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Friday, October 26, 2012

U.S. Economic Growth Picks Up in the Third Quarter

The U.S. Commerce Department said the economy grew 2 percent in the third quarter, faster than analysts predicted. An increase in consumer purchases, gains in homebuilding and a jump in U.S. public spending, principally defense, all contributed to the acceleration of the economic expansion. The report along with the news that a Thomson Reuters/University of Michigan final consumer sentiment index climbed to a five-year high in October, showing renewed optimism ahead of the presidential election. Consumer spending represents about 70 percent of the U.S. economy, and added 1.4 percent to the gross domestic product (GDP). Meanwhile, defense outlays jumped 9.4 percent, the most in over two years, while public spending grew 3.7 percent, the most in three years. Corporate spending, however, stayed flat.

“Frankenstorm” Sandy May Hit East U.S. on Monday

Hurricane Sandy, which caused as many as 40 deaths in the Caribbean, could merge with a winter storm before heading towards the eastern coast of the U.S., the National Hurricane Center warned today. Sandy is so large it could well cover the entire eastern third of the country, keeping planes grounded and causing floods. Because its winds are so powerful and because it is moving slowly, experts say it could last a long time, affecting more people and causing great damage. ”It’s going to be a long-lasting event, two to three days of impact for a lot of people,” according to James Franklin, head forecaster at the National Hurricane Center. Meteorologists expect high winds, heavy rains, tide surges, and even snow falls, and are urging the population to stock up on food, make sure the elderly, children, and pets are protected, and otherwise prepare for disruptions. Sandy is expected to hit the land on Monday evening.

Bombing and Fighting in Syria Breaks Eid Truce

The Syrian ceasefire that was to mark Islam’s most important holiday, Eid al-Adha, didn’t hold. Called by United Nations and Arab League Peace Envoy to Syria Lakhdar Brahimi, it was accepted formally by President Bashar al-Assad’s government yesterday. As the day broke, however, fighting continued. A car bomb exploded on a playground near the Omar Ibn Khattab mosque in Damascus later in the day, killing 8 people and injuring 30, including children, according to the Syrian Observatory for Human Rights. Some other parts of the country did seem to observe the truce, however, with combatants in the city of Idlib in northern Syria reporting a quieter day. The ceasefire is supposed to hold for three more days.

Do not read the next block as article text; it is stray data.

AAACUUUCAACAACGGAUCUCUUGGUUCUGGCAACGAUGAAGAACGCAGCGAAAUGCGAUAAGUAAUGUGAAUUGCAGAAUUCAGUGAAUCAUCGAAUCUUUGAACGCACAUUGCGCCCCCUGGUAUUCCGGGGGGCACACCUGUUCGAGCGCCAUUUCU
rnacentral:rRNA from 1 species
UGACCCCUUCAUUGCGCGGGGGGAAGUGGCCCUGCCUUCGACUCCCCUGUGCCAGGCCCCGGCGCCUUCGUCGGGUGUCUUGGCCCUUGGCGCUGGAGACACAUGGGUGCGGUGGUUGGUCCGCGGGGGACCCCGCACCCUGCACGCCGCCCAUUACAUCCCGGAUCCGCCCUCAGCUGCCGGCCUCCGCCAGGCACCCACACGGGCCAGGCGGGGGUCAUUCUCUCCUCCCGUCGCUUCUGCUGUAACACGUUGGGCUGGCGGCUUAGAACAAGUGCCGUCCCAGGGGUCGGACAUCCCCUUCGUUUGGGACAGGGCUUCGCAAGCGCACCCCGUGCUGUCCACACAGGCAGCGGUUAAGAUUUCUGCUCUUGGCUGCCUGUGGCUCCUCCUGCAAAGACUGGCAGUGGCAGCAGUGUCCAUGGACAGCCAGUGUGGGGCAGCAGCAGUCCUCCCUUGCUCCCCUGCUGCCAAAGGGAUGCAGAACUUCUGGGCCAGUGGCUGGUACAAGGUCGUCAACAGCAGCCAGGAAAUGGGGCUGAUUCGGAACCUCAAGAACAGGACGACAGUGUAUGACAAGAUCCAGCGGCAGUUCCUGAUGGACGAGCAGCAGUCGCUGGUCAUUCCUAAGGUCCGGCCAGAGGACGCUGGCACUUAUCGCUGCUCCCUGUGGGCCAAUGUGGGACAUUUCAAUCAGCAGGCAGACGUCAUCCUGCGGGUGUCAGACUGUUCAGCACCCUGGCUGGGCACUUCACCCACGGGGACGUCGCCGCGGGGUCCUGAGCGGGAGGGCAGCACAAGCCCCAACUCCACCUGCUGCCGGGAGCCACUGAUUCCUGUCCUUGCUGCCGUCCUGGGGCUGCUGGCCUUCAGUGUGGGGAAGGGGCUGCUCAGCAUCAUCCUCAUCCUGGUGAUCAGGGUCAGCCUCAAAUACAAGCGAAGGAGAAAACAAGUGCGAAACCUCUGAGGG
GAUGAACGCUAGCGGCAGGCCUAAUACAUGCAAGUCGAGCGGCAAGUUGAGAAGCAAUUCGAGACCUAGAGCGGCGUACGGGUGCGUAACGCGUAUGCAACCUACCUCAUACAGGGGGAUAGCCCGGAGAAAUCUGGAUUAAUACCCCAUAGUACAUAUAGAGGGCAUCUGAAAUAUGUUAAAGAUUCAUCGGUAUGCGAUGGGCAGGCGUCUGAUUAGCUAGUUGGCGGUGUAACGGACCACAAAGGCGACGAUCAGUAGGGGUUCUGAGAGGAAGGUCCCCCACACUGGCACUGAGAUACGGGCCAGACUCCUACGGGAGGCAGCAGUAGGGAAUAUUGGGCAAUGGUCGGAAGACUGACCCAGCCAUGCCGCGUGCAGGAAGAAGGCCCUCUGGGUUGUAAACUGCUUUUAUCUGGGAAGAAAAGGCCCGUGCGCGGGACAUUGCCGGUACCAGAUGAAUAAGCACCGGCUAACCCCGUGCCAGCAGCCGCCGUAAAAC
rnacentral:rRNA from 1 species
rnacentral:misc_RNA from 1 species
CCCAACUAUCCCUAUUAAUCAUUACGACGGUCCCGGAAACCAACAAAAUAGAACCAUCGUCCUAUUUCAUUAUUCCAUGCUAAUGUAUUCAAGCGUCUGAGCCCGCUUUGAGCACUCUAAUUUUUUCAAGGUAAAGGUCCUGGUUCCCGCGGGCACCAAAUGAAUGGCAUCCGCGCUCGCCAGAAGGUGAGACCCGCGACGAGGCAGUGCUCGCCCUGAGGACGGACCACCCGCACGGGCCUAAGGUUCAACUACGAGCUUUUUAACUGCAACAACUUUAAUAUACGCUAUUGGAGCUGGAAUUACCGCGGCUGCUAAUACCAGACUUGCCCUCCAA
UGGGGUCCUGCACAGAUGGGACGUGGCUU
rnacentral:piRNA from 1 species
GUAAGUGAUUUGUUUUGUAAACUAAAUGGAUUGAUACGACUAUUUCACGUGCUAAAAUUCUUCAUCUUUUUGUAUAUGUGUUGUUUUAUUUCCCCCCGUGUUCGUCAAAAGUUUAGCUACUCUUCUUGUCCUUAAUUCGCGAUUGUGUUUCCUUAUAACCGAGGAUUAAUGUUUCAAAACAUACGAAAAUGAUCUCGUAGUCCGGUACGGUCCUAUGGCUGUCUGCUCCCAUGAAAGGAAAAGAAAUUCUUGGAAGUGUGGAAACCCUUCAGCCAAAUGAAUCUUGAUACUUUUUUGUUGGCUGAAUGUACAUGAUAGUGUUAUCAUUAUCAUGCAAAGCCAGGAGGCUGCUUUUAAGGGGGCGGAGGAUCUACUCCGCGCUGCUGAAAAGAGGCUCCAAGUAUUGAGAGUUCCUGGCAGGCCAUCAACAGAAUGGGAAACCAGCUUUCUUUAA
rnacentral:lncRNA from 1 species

Syria

Malala’s Father Says She is “Everybody’s Daughter”

Ziauddin Yousafzai, the father of 15-year-old Malala who was shot in the head by the Taliban for wanting an education, spoke today in London with gratitude for all the support his daughter and his family received. “When she fell, Pakistan stood and the world rose,” Yousafzai said. “She is not just my daughter, she is everybody’s daughter.” Malala, who wrote a blog in Urdu arguing for girls’ right to education, was attacked in Pakistan’s Swat Valley, then flown to Britain for medical care. She is now in recovery. Malala became famous in 2009, writing and speaking of her fear that her education would be interrupted during a Taliban uprising in Swat, and won Pakistan’s first National Peace Prize for her efforts.

Asteroids on Collision Course with Earth Could Be Diverted with Paintballs

Sung Wook Paek, a student at MIT’s Department of Aeronautics and Austronautics, devised a strategy to divert the course of asteroids heading for earth with balls full of paint powder. Paek’s solution takes advantage of solar radiation pressure, the force photons exert on objects. In his paper, which won the 2012  Move an Asteroid Technical Paper Competition, he describes how two clouds of white paintballs, if perfectly timed, could cover the entire surface of an asteroid, thereby more than doubling its reflectivity, known as albedo. The force of the pellets launched could begin to push the object off its path. Then, the power of the sun’s photons would take over, finishing the job. The object of the competition was to find creative ways of protecting the Earth against a potential asteroid collision. Other papers proposed more expected solutions, such as detonating a nuclear bomb near the asteroid, or launching projectiles or spacecrafts against it.

Weekend Read: The Island Where People Forget to Die

What is the secret of Ikaria, the Greek island where residents live healthy well into their 90s? In the New York Times Magazine.

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